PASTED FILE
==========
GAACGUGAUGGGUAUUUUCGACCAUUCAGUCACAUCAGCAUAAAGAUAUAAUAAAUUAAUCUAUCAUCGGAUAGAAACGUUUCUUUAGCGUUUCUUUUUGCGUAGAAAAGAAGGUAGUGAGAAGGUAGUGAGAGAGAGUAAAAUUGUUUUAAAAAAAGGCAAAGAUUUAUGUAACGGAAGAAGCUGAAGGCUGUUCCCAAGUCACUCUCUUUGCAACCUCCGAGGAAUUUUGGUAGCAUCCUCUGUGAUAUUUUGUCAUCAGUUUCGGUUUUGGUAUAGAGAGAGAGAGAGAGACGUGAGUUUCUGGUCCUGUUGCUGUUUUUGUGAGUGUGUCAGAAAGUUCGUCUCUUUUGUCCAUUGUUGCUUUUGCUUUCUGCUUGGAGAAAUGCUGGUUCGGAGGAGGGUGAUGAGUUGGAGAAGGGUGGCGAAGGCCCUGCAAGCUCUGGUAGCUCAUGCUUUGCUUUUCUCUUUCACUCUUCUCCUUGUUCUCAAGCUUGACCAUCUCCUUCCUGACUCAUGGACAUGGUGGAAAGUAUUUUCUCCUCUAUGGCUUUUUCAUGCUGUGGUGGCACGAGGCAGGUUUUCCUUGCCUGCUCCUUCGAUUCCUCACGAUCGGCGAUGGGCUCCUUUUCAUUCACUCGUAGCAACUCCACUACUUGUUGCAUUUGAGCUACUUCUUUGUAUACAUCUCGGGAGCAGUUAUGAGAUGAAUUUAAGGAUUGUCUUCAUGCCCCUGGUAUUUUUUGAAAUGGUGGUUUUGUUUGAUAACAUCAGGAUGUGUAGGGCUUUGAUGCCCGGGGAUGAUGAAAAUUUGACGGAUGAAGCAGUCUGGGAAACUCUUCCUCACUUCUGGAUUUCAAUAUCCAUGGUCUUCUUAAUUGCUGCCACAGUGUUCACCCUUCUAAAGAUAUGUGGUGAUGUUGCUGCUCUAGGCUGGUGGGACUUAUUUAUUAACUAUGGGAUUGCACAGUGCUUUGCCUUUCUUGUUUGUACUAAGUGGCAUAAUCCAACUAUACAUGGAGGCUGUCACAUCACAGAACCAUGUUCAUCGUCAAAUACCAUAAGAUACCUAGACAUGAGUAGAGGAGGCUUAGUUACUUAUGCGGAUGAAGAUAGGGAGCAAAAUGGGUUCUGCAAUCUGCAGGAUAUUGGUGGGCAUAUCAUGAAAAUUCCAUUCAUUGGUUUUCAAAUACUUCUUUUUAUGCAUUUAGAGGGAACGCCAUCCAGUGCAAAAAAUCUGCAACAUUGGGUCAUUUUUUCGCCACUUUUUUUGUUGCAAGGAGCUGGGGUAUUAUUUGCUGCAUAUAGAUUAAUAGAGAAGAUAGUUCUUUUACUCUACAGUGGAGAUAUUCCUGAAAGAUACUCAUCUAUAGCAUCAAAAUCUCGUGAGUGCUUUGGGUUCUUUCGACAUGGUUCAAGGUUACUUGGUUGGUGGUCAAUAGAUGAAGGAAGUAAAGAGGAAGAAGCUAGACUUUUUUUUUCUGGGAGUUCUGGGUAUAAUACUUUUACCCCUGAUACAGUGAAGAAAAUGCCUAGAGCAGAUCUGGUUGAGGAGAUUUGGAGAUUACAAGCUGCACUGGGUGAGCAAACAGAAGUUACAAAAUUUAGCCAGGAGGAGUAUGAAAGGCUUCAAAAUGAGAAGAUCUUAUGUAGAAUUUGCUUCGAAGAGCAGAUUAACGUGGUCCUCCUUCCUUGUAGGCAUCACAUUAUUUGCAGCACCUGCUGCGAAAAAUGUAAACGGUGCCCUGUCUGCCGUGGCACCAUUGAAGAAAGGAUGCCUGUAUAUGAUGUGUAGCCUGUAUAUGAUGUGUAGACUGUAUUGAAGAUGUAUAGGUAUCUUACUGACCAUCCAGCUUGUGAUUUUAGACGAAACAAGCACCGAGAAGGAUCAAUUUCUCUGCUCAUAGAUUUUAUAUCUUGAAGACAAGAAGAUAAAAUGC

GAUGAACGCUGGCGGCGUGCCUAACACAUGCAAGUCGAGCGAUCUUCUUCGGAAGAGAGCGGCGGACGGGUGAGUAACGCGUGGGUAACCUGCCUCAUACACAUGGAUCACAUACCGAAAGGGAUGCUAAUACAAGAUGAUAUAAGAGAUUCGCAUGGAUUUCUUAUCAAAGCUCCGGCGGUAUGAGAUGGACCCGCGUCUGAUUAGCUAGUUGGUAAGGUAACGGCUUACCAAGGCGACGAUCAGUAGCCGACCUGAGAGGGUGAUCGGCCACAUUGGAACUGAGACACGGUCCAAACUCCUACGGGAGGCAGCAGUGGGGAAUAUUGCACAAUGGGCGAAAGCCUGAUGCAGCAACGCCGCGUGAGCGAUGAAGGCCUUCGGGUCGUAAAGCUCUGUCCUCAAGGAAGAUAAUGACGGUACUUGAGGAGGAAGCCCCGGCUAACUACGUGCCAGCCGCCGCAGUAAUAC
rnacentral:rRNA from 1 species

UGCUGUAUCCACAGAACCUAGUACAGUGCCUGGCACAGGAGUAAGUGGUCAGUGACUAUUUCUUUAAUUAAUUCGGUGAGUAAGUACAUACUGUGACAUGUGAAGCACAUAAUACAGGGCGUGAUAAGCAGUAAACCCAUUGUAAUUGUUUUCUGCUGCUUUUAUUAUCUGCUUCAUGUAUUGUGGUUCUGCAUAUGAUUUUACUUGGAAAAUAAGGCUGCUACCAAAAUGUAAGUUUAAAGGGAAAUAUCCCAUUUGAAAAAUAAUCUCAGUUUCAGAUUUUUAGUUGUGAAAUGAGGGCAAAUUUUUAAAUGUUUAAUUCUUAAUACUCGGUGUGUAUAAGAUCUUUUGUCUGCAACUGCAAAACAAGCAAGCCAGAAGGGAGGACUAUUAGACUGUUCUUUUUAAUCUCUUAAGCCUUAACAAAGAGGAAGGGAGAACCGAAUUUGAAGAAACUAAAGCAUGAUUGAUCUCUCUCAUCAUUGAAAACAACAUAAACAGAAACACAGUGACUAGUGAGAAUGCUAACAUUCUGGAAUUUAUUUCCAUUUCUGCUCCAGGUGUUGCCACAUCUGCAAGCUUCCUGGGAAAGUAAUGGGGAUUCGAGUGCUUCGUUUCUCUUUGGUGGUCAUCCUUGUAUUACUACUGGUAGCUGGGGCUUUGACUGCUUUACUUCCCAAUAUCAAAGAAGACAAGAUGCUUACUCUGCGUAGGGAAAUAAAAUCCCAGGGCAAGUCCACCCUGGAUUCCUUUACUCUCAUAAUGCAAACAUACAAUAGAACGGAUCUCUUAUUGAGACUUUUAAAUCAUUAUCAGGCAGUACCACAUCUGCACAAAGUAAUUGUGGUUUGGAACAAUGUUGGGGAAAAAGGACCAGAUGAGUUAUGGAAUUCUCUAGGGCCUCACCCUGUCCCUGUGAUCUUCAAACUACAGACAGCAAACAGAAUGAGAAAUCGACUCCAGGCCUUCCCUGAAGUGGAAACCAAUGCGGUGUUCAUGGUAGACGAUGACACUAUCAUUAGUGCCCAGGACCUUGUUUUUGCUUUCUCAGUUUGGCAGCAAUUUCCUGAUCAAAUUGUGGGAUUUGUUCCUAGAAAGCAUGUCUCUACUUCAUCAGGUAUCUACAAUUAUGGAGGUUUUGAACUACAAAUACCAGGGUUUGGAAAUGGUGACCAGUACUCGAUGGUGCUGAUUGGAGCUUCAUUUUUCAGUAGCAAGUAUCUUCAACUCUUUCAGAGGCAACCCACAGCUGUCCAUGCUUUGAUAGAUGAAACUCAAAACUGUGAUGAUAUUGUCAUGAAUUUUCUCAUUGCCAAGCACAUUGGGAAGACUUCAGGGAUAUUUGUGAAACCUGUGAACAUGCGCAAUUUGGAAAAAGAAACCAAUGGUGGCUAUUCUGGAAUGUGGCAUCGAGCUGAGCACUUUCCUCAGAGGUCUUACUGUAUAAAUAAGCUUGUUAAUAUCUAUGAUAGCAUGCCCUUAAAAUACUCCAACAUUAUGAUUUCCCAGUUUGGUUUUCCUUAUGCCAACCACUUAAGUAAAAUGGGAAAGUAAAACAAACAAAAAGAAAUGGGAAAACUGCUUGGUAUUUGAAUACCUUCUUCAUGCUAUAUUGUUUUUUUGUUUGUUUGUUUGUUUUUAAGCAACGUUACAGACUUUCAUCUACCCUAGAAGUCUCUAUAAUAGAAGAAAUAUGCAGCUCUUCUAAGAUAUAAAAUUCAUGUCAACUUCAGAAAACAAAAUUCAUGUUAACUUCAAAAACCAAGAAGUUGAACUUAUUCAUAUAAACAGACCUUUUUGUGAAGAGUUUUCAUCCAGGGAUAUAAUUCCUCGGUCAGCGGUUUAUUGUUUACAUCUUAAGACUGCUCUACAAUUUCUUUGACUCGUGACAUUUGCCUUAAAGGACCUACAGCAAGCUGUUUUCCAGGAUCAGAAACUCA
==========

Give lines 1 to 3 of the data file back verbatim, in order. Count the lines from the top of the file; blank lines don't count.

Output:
GAACGUGAUGGGUAUUUUCGACCAUUCAGUCACAUCAGCAUAAAGAUAUAAUAAAUUAAUCUAUCAUCGGAUAGAAACGUUUCUUUAGCGUUUCUUUUUGCGUAGAAAAGAAGGUAGUGAGAAGGUAGUGAGAGAGAGUAAAAUUGUUUUAAAAAAAGGCAAAGAUUUAUGUAACGGAAGAAGCUGAAGGCUGUUCCCAAGUCACUCUCUUUGCAACCUCCGAGGAAUUUUGGUAGCAUCCUCUGUGAUAUUUUGUCAUCAGUUUCGGUUUUGGUAUAGAGAGAGAGAGAGAGACGUGAGUUUCUGGUCCUGUUGCUGUUUUUGUGAGUGUGUCAGAAAGUUCGUCUCUUUUGUCCAUUGUUGCUUUUGCUUUCUGCUUGGAGAAAUGCUGGUUCGGAGGAGGGUGAUGAGUUGGAGAAGGGUGGCGAAGGCCCUGCAAGCUCUGGUAGCUCAUGCUUUGCUUUUCUCUUUCACUCUUCUCCUUGUUCUCAAGCUUGACCAUCUCCUUCCUGACUCAUGGACAUGGUGGAAAGUAUUUUCUCCUCUAUGGCUUUUUCAUGCUGUGGUGGCACGAGGCAGGUUUUCCUUGCCUGCUCCUUCGAUUCCUCACGAUCGGCGAUGGGCUCCUUUUCAUUCACUCGUAGCAACUCCACUACUUGUUGCAUUUGAGCUACUUCUUUGUAUACAUCUCGGGAGCAGUUAUGAGAUGAAUUUAAGGAUUGUCUUCAUGCCCCUGGUAUUUUUUGAAAUGGUGGUUUUGUUUGAUAACAUCAGGAUGUGUAGGGCUUUGAUGCCCGGGGAUGAUGAAAAUUUGACGGAUGAAGCAGUCUGGGAAACUCUUCCUCACUUCUGGAUUUCAAUAUCCAUGGUCUUCUUAAUUGCUGCCACAGUGUUCACCCUUCUAAAGAUAUGUGGUGAUGUUGCUGCUCUAGGCUGGUGGGACUUAUUUAUUAACUAUGGGAUUGCACAGUGCUUUGCCUUUCUUGUUUGUACUAAGUGGCAUAAUCCAACUAUACAUGGAGGCUGUCACAUCACAGAACCAUGUUCAUCGUCAAAUACCAUAAGAUACCUAGACAUGAGUAGAGGAGGCUUAGUUACUUAUGCGGAUGAAGAUAGGGAGCAAAAUGGGUUCUGCAAUCUGCAGGAUAUUGGUGGGCAUAUCAUGAAAAUUCCAUUCAUUGGUUUUCAAAUACUUCUUUUUAUGCAUUUAGAGGGAACGCCAUCCAGUGCAAAAAAUCUGCAACAUUGGGUCAUUUUUUCGCCACUUUUUUUGUUGCAAGGAGCUGGGGUAUUAUUUGCUGCAUAUAGAUUAAUAGAGAAGAUAGUUCUUUUACUCUACAGUGGAGAUAUUCCUGAAAGAUACUCAUCUAUAGCAUCAAAAUCUCGUGAGUGCUUUGGGUUCUUUCGACAUGGUUCAAGGUUACUUGGUUGGUGGUCAAUAGAUGAAGGAAGUAAAGAGGAAGAAGCUAGACUUUUUUUUUCUGGGAGUUCUGGGUAUAAUACUUUUACCCCUGAUACAGUGAAGAAAAUGCCUAGAGCAGAUCUGGUUGAGGAGAUUUGGAGAUUACAAGCUGCACUGGGUGAGCAAACAGAAGUUACAAAAUUUAGCCAGGAGGAGUAUGAAAGGCUUCAAAAUGAGAAGAUCUUAUGUAGAAUUUGCUUCGAAGAGCAGAUUAACGUGGUCCUCCUUCCUUGUAGGCAUCACAUUAUUUGCAGCACCUGCUGCGAAAAAUGUAAACGGUGCCCUGUCUGCCGUGGCACCAUUGAAGAAAGGAUGCCUGUAUAUGAUGUGUAGCCUGUAUAUGAUGUGUAGACUGUAUUGAAGAUGUAUAGGUAUCUUACUGACCAUCCAGCUUGUGAUUUUAGACGAAACAAGCACCGAGAAGGAUCAAUUUCUCUGCUCAUAGAUUUUAUAUCUUGAAGACAAGAAGAUAAAAUGC

GAUGAACGCUGGCGGCGUGCCUAACACAUGCAAGUCGAGCGAUCUUCUUCGGAAGAGAGCGGCGGACGGGUGAGUAACGCGUGGGUAACCUGCCUCAUACACAUGGAUCACAUACCGAAAGGGAUGCUAAUACAAGAUGAUAUAAGAGAUUCGCAUGGAUUUCUUAUCAAAGCUCCGGCGGUAUGAGAUGGACCCGCGUCUGAUUAGCUAGUUGGUAAGGUAACGGCUUACCAAGGCGACGAUCAGUAGCCGACCUGAGAGGGUGAUCGGCCACAUUGGAACUGAGACACGGUCCAAACUCCUACGGGAGGCAGCAGUGGGGAAUAUUGCACAAUGGGCGAAAGCCUGAUGCAGCAACGCCGCGUGAGCGAUGAAGGCCUUCGGGUCGUAAAGCUCUGUCCUCAAGGAAGAUAAUGACGGUACUUGAGGAGGAAGCCCCGGCUAACUACGUGCCAGCCGCCGCAGUAAUAC
rnacentral:rRNA from 1 species